Terry Hershner has made history as the first electric motorcycle rider to win the Vetter Fuel Economy Challenge. The results, announced on Monday, concern a fuel economy event held in Utah on Friday. The race focuses on motorcycle riders, challenging them to score ever-lower cost per mile, and Hershner finished with a cost about 2/3rds his closest competitor. The Challenge has been run several times over the last 3 years, and this is the first time an electric motorcycle has won.
The participants generally add a fully streamlined fairing to regular motorcycles, and make a few other modifications. The fairing greatly improves motorcycle aerodynamics, reducing fuel consumption. The Fuel Economy Challenge is part of a larger project pursued by long-time motorcycle designer, Craig Vetter, to aim for a motorcycle with extremely high fuel efficiency that can replace most car trips. For that purpose, Fuel Economy Challenge entrants also have to demonstrate the ability to carry four bags of groceries.
The bike ridden by Terry Hershner is a highly modified 2012 Zero S electric motorcycle. Stock, that bike had an electric range of about 60 miles at highway speed. In its race configuration, Hershner has modified the bike to have a full Vetter Fairing, 21 kilowatt-hours of battery packs, and 15 kilowatts of charging capacity. Between those modifications Hershner believes his motorcycle has a range of over 200 miles, at highway speed, and can recharge in about an hour in the right conditions. It can also be configured for 24 kilowatt-hours of battery pack capacity, and 18 kilowatts of charging capacity.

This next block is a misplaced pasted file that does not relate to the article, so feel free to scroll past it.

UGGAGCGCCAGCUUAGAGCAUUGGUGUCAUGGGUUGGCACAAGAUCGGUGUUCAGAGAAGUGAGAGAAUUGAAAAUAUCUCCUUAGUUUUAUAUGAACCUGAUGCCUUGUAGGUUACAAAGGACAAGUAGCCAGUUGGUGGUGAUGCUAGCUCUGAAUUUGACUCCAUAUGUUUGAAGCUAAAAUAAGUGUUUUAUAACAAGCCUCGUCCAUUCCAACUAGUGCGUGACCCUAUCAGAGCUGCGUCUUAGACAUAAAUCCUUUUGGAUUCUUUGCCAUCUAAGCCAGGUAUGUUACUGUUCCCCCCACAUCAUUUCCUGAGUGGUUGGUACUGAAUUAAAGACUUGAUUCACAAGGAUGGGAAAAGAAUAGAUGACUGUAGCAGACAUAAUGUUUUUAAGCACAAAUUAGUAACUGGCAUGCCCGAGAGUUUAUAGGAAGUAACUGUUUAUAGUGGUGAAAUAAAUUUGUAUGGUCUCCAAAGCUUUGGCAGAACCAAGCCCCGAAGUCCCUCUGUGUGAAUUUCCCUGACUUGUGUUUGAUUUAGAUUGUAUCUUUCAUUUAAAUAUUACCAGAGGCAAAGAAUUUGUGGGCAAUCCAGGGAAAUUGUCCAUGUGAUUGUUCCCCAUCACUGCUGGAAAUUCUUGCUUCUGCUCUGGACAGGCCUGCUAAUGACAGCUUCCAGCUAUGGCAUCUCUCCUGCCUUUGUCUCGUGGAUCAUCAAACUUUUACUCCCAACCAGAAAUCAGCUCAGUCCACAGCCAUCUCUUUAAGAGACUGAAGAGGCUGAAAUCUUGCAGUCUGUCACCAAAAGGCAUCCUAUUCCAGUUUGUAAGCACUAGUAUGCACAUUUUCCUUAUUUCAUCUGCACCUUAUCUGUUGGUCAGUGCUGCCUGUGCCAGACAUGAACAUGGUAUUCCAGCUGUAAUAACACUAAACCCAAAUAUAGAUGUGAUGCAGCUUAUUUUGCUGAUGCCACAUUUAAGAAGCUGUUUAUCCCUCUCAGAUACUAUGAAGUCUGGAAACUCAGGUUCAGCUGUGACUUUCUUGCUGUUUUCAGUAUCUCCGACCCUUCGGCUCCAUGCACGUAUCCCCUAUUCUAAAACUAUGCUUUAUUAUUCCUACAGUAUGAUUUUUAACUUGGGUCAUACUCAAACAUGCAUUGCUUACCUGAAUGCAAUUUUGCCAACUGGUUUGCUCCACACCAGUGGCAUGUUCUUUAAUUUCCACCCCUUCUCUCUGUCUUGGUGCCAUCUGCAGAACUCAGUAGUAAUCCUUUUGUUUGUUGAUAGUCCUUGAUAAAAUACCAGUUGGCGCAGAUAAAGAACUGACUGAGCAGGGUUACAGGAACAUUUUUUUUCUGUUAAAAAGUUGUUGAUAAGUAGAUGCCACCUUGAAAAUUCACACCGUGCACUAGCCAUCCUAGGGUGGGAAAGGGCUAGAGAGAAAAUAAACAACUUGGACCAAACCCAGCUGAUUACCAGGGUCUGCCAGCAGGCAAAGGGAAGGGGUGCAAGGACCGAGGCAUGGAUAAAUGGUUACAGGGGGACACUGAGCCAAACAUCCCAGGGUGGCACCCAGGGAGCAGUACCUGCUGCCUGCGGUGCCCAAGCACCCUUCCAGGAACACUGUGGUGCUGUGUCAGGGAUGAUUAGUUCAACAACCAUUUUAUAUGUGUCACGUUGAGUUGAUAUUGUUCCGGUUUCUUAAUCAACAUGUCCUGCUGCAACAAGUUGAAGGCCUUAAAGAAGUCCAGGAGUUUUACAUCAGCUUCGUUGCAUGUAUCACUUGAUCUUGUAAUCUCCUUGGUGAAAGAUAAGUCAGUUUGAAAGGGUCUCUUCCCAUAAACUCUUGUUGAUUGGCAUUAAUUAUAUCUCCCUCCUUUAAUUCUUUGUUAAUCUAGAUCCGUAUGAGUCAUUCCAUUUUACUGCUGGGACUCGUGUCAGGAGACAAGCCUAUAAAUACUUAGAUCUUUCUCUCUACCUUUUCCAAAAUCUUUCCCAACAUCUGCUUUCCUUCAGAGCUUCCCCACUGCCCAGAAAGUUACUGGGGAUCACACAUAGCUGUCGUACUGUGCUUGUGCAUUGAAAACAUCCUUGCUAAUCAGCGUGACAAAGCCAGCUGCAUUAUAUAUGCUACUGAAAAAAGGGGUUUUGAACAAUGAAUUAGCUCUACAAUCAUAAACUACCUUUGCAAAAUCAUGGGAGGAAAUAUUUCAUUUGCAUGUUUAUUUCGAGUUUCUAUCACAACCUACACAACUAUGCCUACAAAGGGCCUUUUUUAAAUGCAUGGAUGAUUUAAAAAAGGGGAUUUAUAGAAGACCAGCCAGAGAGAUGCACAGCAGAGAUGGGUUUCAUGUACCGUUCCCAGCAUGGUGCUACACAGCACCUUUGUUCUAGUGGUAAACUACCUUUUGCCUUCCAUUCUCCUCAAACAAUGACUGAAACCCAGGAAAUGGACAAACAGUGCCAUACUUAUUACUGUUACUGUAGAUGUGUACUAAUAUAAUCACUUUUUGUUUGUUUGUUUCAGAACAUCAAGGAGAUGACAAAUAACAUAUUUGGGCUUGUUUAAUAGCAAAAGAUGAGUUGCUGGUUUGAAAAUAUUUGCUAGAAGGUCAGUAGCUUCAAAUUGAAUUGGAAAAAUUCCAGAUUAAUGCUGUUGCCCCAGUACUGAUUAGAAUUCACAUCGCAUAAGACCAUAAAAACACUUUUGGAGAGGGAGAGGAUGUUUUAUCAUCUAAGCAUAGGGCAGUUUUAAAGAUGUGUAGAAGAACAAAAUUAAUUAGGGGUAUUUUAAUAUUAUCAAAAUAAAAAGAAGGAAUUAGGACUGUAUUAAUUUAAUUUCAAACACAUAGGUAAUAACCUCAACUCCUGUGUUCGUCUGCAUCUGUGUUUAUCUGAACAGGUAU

The Fuel Economy Challenge covered 172 miles of Utah highways starting in Wendover (at the Utah/Nevada border), traveling down I-80 at 80 miles/hr (the speed limit), then taking a detour through some country roads and mountainous terrain before ending in Tooele Utah. After the event, Hershner traveled another 30 miles into Salt Lake City to the nearest recharging station.
Hershner is no stranger to long-distance electric motorcycle riding. He began a quest to prove electric motorcycles can go long distances in 2012, and during 2013 he took several cross-country trips with the same motorcycle. Participating in the Challenge meant riding the bike from his home in California, then returning home on the bike afterward.
His fuel cost was either $2.29 or $2.92, depending on Utah's two electricity rates. For the 172 mile journey, that equates to 1.3 cents or 1.7 cents per mile.
The closest competitor was Fred Hayes, riding a fully streamlined diesel motorcycle. His bike achieved 164 MPG, consumed $4 worth of fuel, at a 2.6 cents per mile cost.